New CD Reviews- December 2019


Martin Hayes & Brooklyn Rider, “The Butterfly”

Hayes is a paragon of East Clare fiddle, with its somewhat slower, relaxed feel compared to other traditions, marked by long, fluid bowing. He’s also shown himself adept at bringing East Clare fiddle into a contemporary milieu, vis-à-vis his partnership with guitarist Dennis Cahill, and their exploration and “deconstruction” of Irish tunes; the two also are members of the experimental quintet The Gloaming, and Hayes’ eponymous quartet.
So it seems quite natural for him to collaborate with the self-described “omnivorous” string quartet Brooklyn Rider (Johnny Gandelsman and Colin Jacobsen, violins; Nicholas Cords, viola; Michael Nicolas, cello), which has gone well beyond the classical and chamber music dominion to work with Sting, Elvis Costello, Kate Bush, newgrass banjo pioneer Bela Fleck, and jazz saxophonist Joshua Redman, among others.
Irish/Celtic/classical crossovers have been around for a long time: Arthur Fielder and the Boston Pops’ “Irish Night at the Pops”; works by Charlie Lennon; Bill Whelan’s “Connemara Suite”; the chambergrass sound championed by Fretless; Lúnasa’s album with the RTE Concert Orchestra. On “The Butterfly,” Hayes and Brooklyn Rider seek out and zoom in on the intersections between their respective musical idioms, in the context of Irish tunes, all but two of them from tradition; the others are from the pens of Hayes (“Maghera Mountain”) and Peadar Ó Riada (“Bob and Bernie”). Most of the tunes – there is one per track – will be familiar to musicians and listeners alike, such as the title track, “Jenny’s Welcome to Charlie,” “O’Neill’s March,” “An Rogaire Dubh,” even “The Drunken Sailor” (the hornpipe, not the sea chantey).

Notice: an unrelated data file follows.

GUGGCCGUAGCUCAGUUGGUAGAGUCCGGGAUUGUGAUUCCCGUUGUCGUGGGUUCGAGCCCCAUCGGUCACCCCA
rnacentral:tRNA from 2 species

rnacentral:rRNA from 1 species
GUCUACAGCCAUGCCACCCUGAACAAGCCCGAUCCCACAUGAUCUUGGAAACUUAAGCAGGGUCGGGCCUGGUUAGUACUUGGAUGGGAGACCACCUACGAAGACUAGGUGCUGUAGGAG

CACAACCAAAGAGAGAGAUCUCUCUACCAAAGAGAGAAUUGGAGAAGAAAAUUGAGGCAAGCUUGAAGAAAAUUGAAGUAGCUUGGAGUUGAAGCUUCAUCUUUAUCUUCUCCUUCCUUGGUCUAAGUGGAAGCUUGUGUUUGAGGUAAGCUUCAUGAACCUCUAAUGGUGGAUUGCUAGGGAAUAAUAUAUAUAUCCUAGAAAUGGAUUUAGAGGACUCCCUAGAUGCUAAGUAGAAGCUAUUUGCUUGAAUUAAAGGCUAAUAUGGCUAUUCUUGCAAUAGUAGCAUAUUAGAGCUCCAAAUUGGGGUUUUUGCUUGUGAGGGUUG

In fact, as Hayes and Brooklyn Riders’ members have said, the familiarity of the tunes is the whole point of this collaboration: it’s easy for a musician or listener to get jaded about them, especially when, as Hayes has put it, they get dragged through the kitschy dirt. Reframing them with a string quartet holds the promise of reinvigoration and reappreciation, and the album achieves that goal. For one thing, there’s a very conscious effort at forging a partnership, as opposed to casting Brooklyn Rider simply as Martin Hayes’ Backup Band. While sometimes the quartet may be in a supportive role, playing rhythm, held notes or chords around Hayes’ lead, at other junctures their variations on the tune become the dominant sound, and Hayes is more in the background.